To see just how difficult pricing a video game can be, you just have to look as far as the fledgling iPhone video game app market, a microcosm of the games industry where many developers have expressed frustration and confusion when trying to price their games attractively. Some succeed, many don’t, despite releasing a quality product.

It’s All About Value

Game makers are wrestling with the question, “How expensive should games be?” But that’s not the question that they should be asking. In the end, it’s about a game’s value in the eyes of the consumer. When the Wii launched, people didn’t buy a Wii – they spent $250-plus for Wii Sports. Guitar Hero and Rock Band bundles cost more because of their special controller pack-ins. But people were willing to buy those games because there is value. “Value” can mean different things to different people, but the most obvious value signifiers for a game are, in general, a game’s perceived quality, longevity, and above all, its fun factor.

Activision recently said it would be pricing Infinity Ward’s surefire-hit Call of Duty: Modern Warfare 2 at £55 in the UK, a £5 premium over the typical current generation game. Again, a bit of an internet uproar ensued, but Kotick and crew are apparently confident that the title holds a lot of value with gamers -- value that has carried over from the original Modern Warfare.

Most of the people complaining about the price of this game will probably buy it at that higher price, even though they won’t be happy about it. The same goes for Activision Blizzard’s decision to sell StarCraft II in three parts, a brilliant move by analysts’ estimations, but one that met heavy criticism from gamers when first announced.

With the upcoming launch of Activision’s peripheral-based games DJ Hero and Tony Hawk Ride, Activision’s pricing instincts will be put to the test.

Value is also all about perception. For instance, Left 4 Dead may have seen a 3,000 percent increase when Valve put the game on a 50 percent sale, but all that experiment showed was that a big discount can hike up a game’s sales for a few days. It does little to provide insight into what a game’s price "should" be at launch.

To the people who bought Left 4 Dead during that sale, much of the value they saw in that purchase may have been because they knew the game was normally twice as much. And the sense of urgency of a weekend sale also led many gamers to pull the trigger. Would Left 4 Dead’s launch revenues have been higher if Valve released it initially for $25 instead of $50? Until more game companies start sticking their necks out there and launching full-blown “triple-A” premium games at half the cost, it’ll be hard telling.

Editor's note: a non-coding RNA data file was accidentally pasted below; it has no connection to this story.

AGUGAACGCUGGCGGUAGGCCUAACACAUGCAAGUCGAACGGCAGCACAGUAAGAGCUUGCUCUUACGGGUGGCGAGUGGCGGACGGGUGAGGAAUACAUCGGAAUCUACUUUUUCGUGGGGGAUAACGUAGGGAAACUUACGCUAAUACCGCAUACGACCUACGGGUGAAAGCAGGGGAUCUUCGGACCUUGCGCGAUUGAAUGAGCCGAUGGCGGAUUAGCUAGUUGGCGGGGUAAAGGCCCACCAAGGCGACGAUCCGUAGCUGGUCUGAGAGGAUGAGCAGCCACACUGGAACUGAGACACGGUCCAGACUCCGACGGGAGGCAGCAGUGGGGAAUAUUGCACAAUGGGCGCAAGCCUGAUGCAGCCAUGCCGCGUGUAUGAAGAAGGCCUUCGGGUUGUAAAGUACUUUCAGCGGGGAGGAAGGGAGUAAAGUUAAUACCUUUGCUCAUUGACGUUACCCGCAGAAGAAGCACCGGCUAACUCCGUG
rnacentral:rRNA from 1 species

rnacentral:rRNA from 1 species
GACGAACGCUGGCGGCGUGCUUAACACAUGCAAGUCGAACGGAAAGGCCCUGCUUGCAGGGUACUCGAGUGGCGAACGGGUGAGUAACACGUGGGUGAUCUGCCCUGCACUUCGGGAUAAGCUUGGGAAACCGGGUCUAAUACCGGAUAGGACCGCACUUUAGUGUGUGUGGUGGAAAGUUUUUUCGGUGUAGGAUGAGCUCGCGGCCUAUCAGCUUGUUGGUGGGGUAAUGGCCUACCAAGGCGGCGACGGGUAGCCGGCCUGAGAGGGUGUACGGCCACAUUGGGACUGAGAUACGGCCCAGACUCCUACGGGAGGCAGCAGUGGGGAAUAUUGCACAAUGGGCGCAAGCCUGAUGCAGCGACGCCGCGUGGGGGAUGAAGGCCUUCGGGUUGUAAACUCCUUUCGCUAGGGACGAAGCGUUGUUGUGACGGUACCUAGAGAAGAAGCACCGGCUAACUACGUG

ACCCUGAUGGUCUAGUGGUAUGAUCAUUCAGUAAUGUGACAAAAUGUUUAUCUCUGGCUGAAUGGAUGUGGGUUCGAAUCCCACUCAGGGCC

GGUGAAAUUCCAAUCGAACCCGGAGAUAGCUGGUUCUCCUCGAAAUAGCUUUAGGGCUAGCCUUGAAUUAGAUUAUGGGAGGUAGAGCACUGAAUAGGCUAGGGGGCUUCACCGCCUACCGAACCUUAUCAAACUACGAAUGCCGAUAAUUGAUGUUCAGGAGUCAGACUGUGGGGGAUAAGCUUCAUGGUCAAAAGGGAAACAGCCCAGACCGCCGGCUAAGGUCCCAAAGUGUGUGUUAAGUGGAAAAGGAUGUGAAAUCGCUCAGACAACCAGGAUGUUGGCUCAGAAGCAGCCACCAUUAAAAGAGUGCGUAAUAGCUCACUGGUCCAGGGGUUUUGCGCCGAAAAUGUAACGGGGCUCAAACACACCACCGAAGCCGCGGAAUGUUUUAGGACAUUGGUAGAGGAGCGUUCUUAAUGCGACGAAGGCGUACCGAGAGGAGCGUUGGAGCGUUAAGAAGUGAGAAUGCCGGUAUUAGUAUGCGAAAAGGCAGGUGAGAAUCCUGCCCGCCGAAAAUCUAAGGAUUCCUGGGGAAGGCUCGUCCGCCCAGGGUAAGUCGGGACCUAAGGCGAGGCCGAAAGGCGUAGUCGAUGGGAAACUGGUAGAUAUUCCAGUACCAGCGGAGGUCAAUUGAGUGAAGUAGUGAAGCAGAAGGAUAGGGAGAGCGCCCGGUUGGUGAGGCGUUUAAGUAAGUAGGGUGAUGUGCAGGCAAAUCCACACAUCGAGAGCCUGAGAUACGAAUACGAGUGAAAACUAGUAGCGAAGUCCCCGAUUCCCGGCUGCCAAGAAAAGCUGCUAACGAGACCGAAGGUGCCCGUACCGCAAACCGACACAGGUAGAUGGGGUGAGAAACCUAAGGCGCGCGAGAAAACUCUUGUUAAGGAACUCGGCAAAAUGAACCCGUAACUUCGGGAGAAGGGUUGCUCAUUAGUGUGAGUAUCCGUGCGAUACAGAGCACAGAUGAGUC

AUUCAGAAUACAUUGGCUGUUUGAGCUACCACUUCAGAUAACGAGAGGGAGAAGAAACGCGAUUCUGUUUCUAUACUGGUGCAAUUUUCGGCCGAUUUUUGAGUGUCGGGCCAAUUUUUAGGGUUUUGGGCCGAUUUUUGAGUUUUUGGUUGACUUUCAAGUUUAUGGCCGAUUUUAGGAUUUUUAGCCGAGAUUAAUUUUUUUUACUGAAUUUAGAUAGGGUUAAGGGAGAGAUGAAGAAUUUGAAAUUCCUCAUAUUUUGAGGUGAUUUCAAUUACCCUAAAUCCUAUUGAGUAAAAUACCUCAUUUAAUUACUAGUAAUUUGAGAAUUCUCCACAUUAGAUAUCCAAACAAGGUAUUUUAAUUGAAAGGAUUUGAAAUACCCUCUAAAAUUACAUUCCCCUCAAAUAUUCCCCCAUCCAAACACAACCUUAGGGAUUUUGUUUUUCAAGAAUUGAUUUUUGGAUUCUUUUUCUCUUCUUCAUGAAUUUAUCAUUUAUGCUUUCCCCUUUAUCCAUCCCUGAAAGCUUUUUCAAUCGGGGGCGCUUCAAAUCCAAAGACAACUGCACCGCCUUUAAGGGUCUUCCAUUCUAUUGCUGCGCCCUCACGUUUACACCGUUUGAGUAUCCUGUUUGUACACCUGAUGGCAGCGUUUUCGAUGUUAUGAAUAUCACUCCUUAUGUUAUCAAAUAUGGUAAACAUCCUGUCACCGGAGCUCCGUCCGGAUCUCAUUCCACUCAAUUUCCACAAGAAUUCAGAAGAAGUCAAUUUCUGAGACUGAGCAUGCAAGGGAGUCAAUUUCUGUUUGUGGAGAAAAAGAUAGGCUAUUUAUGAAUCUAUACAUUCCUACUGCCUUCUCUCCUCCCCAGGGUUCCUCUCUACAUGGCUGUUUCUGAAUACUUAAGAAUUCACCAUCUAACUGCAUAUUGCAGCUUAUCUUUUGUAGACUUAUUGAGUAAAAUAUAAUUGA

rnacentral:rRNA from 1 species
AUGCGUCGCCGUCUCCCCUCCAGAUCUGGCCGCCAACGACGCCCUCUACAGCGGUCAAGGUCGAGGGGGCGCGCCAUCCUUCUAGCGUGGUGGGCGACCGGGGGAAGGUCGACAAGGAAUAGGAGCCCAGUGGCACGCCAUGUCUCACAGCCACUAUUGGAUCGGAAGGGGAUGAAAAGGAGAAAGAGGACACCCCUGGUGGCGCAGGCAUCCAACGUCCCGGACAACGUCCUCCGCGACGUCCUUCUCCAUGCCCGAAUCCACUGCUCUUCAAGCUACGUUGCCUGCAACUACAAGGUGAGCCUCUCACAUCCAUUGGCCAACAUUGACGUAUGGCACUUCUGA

What stinks for game developers is their perception of a game's value is sometimes way off the mark in relation to a consumer's, and disappointment ensues. It's really hard to convince gamers that they should pay over what they think is a fair price. So you have outlets like GameStop, rent-by-mail companies like GameFly, and free-to-play online game publishers who can satisfy the demand for lower pricing.

The Punchline

So was a laughing Kotick simply joking about wanting to “raise prices even further”? No, the guy’s dead serious -- he wants to make sure he can turn a profit, and price-hiking may be one way to do it. Not to over-analyze a chuckle, but maybe it’s the general situation that the video game industry is in that’s rather humorous.

You spend $10-$20 million developing a game, additional millions on marketing, release it out to the retail wild, and in many cases, have virtually no idea whether or not the game’s sales will recoup the expenditure.

Absolutely hilarious, isn't it?